Nine Naughty Questions
1. I wonder, is a Romance writer born or made? Please tell us a little about your life before publication.
I think a romance writer is probably born. According to my mum I was always an optimistic little soul who resolutely refused to find anything but a silver lining in every cloud. (That may well annoy those around me!) I started writing angsty poetry when I was a teenager, moved to short stories with unhappy endings, and then graduated to articles for community newsletters. When I sat down to write a book, however, the story was a romance. Since I’ve always been a lover of crime fictions as well as happy endings it’s not surprising I write romantic suspense. Two stories for the price of one!
2. For all the glitz and the glam associated with the idea of Romance novels, writing about and from the heart is personal and very revealing. Do you think this is why romance readers are such devoted fans? And do you ever feel exposed?
I think as a writer I definitely need to pour my heart and soul into my characters. Romance readers know authentic love when they see it and that means we as writers need to live and breathe it. I do draw on some of my own experiences, but I don’t feel exposed by telling those stories. However recounting the experiences of people who’ve provided inspiration for my characters can be emotional…
3. Please tell us about your latest novel…
Set in remote Cooktown, Northern Heat is a story of redemption, but also about finding the courage to walk away from violence. As my heroine, Kristy, says, ‘Tomorrow is a new day.’
While the research into domestic violence was harrowing, I met many women who’ve lived through hardship and emerged stronger, more resilient and determined to make better choices for themselves and for their children. It takes courage to trust enough to love again and I hope I’ve done their stories justice.
4. Is the life of a published Romance writer… well… Romantic?
Lol, nothing romantic about a full time job requiring upwards of 50 hours a week plus writing a book a year! But come July we’ll be casting off the mooring lines and heading Roobinesque, our 40ft catamaran, north into the Coral Sea – that’s going to be a whole lot more romantic than managing 260 pilots!
5. Of all of the Romantic moments in your life is there one moment, more dear than all the rest, against which you judge all the Romantic elements in your writing? If so can you tell us about that special moment?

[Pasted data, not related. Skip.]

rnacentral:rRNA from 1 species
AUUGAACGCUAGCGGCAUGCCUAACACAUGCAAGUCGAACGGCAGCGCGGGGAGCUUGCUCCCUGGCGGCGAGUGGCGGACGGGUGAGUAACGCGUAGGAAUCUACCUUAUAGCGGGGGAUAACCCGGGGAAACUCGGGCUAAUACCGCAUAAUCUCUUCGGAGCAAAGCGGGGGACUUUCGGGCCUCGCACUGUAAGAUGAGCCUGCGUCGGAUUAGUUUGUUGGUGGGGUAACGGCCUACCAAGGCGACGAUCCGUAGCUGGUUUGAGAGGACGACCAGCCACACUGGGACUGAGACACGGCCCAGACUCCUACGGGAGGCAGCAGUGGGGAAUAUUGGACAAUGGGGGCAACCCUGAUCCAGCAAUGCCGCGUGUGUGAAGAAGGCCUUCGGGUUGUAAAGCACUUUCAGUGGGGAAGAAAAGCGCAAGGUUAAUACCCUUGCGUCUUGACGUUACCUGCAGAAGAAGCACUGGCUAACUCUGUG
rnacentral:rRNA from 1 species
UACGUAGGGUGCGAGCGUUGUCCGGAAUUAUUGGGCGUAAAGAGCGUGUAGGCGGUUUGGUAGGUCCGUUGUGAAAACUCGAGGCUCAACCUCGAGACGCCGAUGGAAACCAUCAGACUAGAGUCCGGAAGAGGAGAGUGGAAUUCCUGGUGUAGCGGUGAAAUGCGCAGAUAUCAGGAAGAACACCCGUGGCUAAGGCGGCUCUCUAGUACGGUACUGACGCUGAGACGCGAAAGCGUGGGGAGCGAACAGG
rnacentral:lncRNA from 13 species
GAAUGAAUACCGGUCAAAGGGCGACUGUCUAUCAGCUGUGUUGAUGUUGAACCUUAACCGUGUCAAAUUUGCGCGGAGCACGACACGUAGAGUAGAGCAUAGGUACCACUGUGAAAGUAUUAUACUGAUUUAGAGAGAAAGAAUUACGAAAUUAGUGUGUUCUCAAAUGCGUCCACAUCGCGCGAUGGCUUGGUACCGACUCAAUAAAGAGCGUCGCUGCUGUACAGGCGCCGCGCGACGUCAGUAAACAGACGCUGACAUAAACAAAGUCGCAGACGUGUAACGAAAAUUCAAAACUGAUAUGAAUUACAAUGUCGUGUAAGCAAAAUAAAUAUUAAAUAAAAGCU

My romantic moment was when Capt G, a mere work colleague at the time, scooped me up in his arms and carried me off a sports field after I’d badly damaged my knee in a touch footy game. He stole my heart as he whisked me away to the local hospital. That was 30 years ago 🙂
6. Sex in Romance writing today ranges from ‘I can’t believe they’re allowed to publish this stuff’ explicit to ‘turn the light back on I can see something’ mild. How important do you think sex is in a Romance novel?
I think love scenes are very important to a romance, whether the bedroom door is closed or open! But it needs to show the emotional connection between the characters, even if they’re enjoying smokin’ hot sex. And it needs to be true to the characters. I think readers expect a sensuous element in romances and the rise of erotic romance would suggest that it’s increasingly important.
7. Romance writers are often Romance readers – please tell us your five favourite (read and re-read) Romance novels or five novels that influenced your work most?
1. Hungry as the Sea by Wilbur Smith, because it was the first romantic suspense I’d read. Althought I doubt Wilbur Smith thinks he writes romance!
2. Northern Lights by Nora Roberts, becaues the heroine flies a float plane!
3. Pride and Prejudice, Jane Austen, because Elizabeth was so quick witted and Mr Darcy so honourable but constrained.
4. Tai-Pan by James Clavell – just because.
5. Dune by Frank Herbert – I find something new every time I read it.
8. Paranormal Romance writing is ‘so hot right now’, do you have any thoughts on why?
Paranormal romance offers pure escapism which lets our imaginations take off. I’m not a huge reader of Paranormal but I do love the Psy Changeling series by Nalini Singh and Kerri Arthur’s Dark Angels series.
9. Lastly, what advice do you give aspiring writers?
You can’t edit a blank page so get writing! So many people start a book and never finish it so the first big hurdle is to get your story down on the page. Also remember that all those ‘writing rules’ are for guidance. Sure you need to be concious of grammar, punctuation and spelling, but every writer has a unique process. Developing your voice and your writing process is all part of learning your craft.
Thanks for joining us Helene!
by Helene Young
In steamy northern Queensland, Conor is living under an assumed name and rebuilding his shattered life. Working at Cooktown’s youth centre has given him the chance to make a difference again, and a chance to flirt with Dr Kristy Dark.
After tragedy tore her family apart, Kristy fled to Cooktown with her feisty teenage daughter, Abby. She hoped being part of the small community would help them both heal, but Abby’s sports coach is turning out to be a compelling distraction.
When a severe cyclone menaces the coast, threatening to destroy everything in its path, tensions come to a head – and the weather is not the only danger in Cooktown. Cut off from the world and with her life on the line, Kristy will have to summon her courage and place her trust in Conor, or they’ll both lose someone they love.